The undercovers made contact with each of the suspects before proposing they meet at a location in Polk County, where they were busted.

In total, the arrests led to 49 felony and two misdemeanor charges. Those arrested were aged 26 to 47. All were from Central Florida except for one 33-year-old man from California.

“What you see on this board … are deviants. Incredible deviants,” Polk County Sheriff Grady Judd said at a press conference on Tuesday, motioning to photos of the alleged pervs. “They travel from as far away as Clewiston, Florida. One even came from Los Angeles.”

“Much to their chagrin, instead of meeting with young children, they were met by law enforcement officers who were online undercover posing as children.”

Kenneth Javier Aquino, 26, a lifeguard at Animal Kingdom Lodge at Disney World, was arrested while still wearing his Disney polo shirt and swimsuit, according to the sheriff’s office.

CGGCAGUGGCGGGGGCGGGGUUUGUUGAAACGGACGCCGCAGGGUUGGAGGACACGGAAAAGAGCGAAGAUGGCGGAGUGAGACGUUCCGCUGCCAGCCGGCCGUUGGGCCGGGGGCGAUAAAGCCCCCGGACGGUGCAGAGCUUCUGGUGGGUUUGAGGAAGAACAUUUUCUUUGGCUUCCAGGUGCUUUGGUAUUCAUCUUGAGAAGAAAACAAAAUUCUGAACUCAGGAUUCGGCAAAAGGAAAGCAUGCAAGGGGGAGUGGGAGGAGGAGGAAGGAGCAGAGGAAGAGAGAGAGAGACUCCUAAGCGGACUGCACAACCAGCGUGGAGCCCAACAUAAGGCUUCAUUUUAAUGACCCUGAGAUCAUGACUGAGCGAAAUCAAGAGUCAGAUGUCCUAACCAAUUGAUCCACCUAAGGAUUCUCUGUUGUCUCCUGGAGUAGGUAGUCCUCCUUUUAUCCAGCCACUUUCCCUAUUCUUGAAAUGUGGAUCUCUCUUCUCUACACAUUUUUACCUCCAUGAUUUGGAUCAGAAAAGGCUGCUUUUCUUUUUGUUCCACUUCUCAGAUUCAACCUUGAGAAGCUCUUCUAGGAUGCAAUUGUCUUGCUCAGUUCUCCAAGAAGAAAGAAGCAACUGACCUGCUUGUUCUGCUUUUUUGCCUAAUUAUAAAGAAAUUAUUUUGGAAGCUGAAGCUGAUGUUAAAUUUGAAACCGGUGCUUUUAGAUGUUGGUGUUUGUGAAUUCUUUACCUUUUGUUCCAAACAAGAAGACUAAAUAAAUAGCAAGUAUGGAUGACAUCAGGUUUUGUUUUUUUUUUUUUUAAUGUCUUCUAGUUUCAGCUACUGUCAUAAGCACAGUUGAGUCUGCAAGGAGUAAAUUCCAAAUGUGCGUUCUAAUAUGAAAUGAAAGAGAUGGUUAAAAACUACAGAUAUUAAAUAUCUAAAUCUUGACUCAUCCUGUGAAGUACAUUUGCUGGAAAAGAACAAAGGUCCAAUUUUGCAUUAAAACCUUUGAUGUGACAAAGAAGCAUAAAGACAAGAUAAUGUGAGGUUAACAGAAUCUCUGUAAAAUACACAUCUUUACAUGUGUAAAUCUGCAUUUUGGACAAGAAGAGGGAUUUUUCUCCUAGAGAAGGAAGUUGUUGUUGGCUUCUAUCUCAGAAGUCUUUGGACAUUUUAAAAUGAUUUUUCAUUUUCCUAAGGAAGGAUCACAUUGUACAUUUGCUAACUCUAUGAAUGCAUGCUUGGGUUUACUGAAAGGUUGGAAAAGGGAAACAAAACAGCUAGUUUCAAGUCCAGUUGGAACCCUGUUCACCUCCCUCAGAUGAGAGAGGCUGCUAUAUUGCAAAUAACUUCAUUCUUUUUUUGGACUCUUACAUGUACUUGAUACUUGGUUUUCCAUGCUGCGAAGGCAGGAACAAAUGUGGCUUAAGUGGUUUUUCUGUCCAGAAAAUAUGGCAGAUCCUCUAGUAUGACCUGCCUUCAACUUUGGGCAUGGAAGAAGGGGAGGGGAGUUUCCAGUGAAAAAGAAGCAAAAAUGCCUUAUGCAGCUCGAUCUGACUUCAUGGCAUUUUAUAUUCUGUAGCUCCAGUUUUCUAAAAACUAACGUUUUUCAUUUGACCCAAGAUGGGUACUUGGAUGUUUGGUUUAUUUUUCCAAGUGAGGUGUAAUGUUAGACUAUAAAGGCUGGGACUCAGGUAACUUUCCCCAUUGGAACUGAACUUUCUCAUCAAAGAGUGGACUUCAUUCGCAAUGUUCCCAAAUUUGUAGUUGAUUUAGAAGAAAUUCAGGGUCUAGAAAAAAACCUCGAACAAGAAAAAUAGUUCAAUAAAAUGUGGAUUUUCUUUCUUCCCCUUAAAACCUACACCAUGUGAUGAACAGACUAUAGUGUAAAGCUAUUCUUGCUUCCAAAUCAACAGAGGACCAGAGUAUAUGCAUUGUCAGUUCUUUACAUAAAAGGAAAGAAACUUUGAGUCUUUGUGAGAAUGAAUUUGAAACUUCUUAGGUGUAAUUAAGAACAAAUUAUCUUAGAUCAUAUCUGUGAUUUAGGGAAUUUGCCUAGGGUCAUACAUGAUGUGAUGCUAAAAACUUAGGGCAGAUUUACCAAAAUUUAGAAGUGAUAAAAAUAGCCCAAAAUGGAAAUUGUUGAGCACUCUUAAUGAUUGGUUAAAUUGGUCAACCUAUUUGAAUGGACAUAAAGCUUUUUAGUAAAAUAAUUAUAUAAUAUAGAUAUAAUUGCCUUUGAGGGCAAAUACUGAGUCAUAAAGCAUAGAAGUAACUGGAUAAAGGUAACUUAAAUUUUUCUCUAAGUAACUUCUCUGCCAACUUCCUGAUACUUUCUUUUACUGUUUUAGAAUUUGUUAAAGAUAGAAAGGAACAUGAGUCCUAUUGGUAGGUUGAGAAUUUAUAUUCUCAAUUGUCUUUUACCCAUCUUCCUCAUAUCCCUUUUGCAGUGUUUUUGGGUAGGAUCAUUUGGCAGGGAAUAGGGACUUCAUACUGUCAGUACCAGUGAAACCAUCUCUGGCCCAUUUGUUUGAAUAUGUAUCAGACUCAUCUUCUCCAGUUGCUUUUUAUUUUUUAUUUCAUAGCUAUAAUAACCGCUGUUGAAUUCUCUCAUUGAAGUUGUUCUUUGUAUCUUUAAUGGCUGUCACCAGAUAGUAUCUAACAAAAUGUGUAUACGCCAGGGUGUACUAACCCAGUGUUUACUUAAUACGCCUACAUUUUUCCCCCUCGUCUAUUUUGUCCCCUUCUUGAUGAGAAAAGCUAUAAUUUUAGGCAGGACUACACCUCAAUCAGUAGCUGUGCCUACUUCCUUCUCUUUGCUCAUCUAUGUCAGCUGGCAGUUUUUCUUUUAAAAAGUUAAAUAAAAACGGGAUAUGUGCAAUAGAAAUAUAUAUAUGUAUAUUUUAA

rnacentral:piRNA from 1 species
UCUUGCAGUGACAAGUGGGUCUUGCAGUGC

Aquino engaged in an online conversation on social media with an officer, posing as a 13-year-old girl, authorities said. He then asked the “girl” to send photos, and sent her an explicit video of himself, police said.

Aquino told officers he is a Navy veteran and has a pregnant girlfriend.

Jonathan McGrew, a 34-year-old custodian at Disney World, was nabbed by an undercover officer posing as a 13-year-old girl.

disney-world

McGrew allegedly told the “girl” that he wanted her to come over and have sex with him and his girlfriend, 29-year-old Savannah Lawrence, who also works as a custodian at tourist mecca.

McGrew sent her explicit videos of him and Lawrence performing sexual acts on each other, authorities said.

A rep for Disney World didn’t immediately return a message.